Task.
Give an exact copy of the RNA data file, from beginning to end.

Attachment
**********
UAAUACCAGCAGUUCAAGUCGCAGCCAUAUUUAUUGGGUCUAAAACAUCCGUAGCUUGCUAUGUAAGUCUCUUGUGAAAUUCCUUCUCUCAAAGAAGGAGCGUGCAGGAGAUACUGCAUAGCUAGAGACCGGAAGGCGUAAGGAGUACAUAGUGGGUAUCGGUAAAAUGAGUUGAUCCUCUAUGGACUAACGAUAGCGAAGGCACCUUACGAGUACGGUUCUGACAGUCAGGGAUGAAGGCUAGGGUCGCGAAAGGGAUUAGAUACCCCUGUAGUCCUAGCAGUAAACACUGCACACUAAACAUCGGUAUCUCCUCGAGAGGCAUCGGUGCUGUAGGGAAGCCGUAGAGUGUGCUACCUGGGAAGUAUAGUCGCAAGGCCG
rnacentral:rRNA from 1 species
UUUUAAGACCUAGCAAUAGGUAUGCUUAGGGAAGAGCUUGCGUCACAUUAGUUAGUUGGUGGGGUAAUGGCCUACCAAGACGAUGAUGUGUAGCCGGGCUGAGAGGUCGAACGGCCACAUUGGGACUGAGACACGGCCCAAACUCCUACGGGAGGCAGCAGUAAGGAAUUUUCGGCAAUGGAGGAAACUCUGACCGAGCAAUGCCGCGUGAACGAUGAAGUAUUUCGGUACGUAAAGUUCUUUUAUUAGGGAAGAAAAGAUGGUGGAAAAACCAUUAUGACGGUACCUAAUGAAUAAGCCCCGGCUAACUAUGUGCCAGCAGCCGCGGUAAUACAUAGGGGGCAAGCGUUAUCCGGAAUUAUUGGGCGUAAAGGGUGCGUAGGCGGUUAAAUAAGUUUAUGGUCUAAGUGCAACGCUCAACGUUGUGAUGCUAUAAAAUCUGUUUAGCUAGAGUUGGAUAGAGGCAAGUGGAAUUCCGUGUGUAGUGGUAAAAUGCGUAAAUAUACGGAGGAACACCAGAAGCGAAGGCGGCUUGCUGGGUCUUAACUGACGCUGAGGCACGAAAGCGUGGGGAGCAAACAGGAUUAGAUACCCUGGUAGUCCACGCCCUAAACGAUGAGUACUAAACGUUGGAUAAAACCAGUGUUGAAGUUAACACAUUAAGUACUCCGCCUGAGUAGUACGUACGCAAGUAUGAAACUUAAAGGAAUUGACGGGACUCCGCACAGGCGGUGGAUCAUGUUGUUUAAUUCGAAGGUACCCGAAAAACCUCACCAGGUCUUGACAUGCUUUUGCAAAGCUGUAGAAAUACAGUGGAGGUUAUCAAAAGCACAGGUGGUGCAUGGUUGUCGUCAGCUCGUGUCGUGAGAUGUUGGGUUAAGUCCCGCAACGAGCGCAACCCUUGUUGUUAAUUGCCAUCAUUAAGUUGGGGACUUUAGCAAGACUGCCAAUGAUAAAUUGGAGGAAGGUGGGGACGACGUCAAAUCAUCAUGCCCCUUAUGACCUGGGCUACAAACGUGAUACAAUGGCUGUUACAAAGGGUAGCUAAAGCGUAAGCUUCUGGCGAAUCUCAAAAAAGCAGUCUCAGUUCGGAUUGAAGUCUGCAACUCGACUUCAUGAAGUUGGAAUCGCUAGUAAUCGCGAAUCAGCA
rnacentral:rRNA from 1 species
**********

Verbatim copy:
UAAUACCAGCAGUUCAAGUCGCAGCCAUAUUUAUUGGGUCUAAAACAUCCGUAGCUUGCUAUGUAAGUCUCUUGUGAAAUUCCUUCUCUCAAAGAAGGAGCGUGCAGGAGAUACUGCAUAGCUAGAGACCGGAAGGCGUAAGGAGUACAUAGUGGGUAUCGGUAAAAUGAGUUGAUCCUCUAUGGACUAACGAUAGCGAAGGCACCUUACGAGUACGGUUCUGACAGUCAGGGAUGAAGGCUAGGGUCGCGAAAGGGAUUAGAUACCCCUGUAGUCCUAGCAGUAAACACUGCACACUAAACAUCGGUAUCUCCUCGAGAGGCAUCGGUGCUGUAGGGAAGCCGUAGAGUGUGCUACCUGGGAAGUAUAGUCGCAAGGCCG
rnacentral:rRNA from 1 species
UUUUAAGACCUAGCAAUAGGUAUGCUUAGGGAAGAGCUUGCGUCACAUUAGUUAGUUGGUGGGGUAAUGGCCUACCAAGACGAUGAUGUGUAGCCGGGCUGAGAGGUCGAACGGCCACAUUGGGACUGAGACACGGCCCAAACUCCUACGGGAGGCAGCAGUAAGGAAUUUUCGGCAAUGGAGGAAACUCUGACCGAGCAAUGCCGCGUGAACGAUGAAGUAUUUCGGUACGUAAAGUUCUUUUAUUAGGGAAGAAAAGAUGGUGGAAAAACCAUUAUGACGGUACCUAAUGAAUAAGCCCCGGCUAACUAUGUGCCAGCAGCCGCGGUAAUACAUAGGGGGCAAGCGUUAUCCGGAAUUAUUGGGCGUAAAGGGUGCGUAGGCGGUUAAAUAAGUUUAUGGUCUAAGUGCAACGCUCAACGUUGUGAUGCUAUAAAAUCUGUUUAGCUAGAGUUGGAUAGAGGCAAGUGGAAUUCCGUGUGUAGUGGUAAAAUGCGUAAAUAUACGGAGGAACACCAGAAGCGAAGGCGGCUUGCUGGGUCUUAACUGACGCUGAGGCACGAAAGCGUGGGGAGCAAACAGGAUUAGAUACCCUGGUAGUCCACGCCCUAAACGAUGAGUACUAAACGUUGGAUAAAACCAGUGUUGAAGUUAACACAUUAAGUACUCCGCCUGAGUAGUACGUACGCAAGUAUGAAACUUAAAGGAAUUGACGGGACUCCGCACAGGCGGUGGAUCAUGUUGUUUAAUUCGAAGGUACCCGAAAAACCUCACCAGGUCUUGACAUGCUUUUGCAAAGCUGUAGAAAUACAGUGGAGGUUAUCAAAAGCACAGGUGGUGCAUGGUUGUCGUCAGCUCGUGUCGUGAGAUGUUGGGUUAAGUCCCGCAACGAGCGCAACCCUUGUUGUUAAUUGCCAUCAUUAAGUUGGGGACUUUAGCAAGACUGCCAAUGAUAAAUUGGAGGAAGGUGGGGACGACGUCAAAUCAUCAUGCCCCUUAUGACCUGGGCUACAAACGUGAUACAAUGGCUGUUACAAAGGGUAGCUAAAGCGUAAGCUUCUGGCGAAUCUCAAAAAAGCAGUCUCAGUUCGGAUUGAAGUCUGCAACUCGACUUCAUGAAGUUGGAAUCGCUAGUAAUCGCGAAUCAGCA
rnacentral:rRNA from 1 species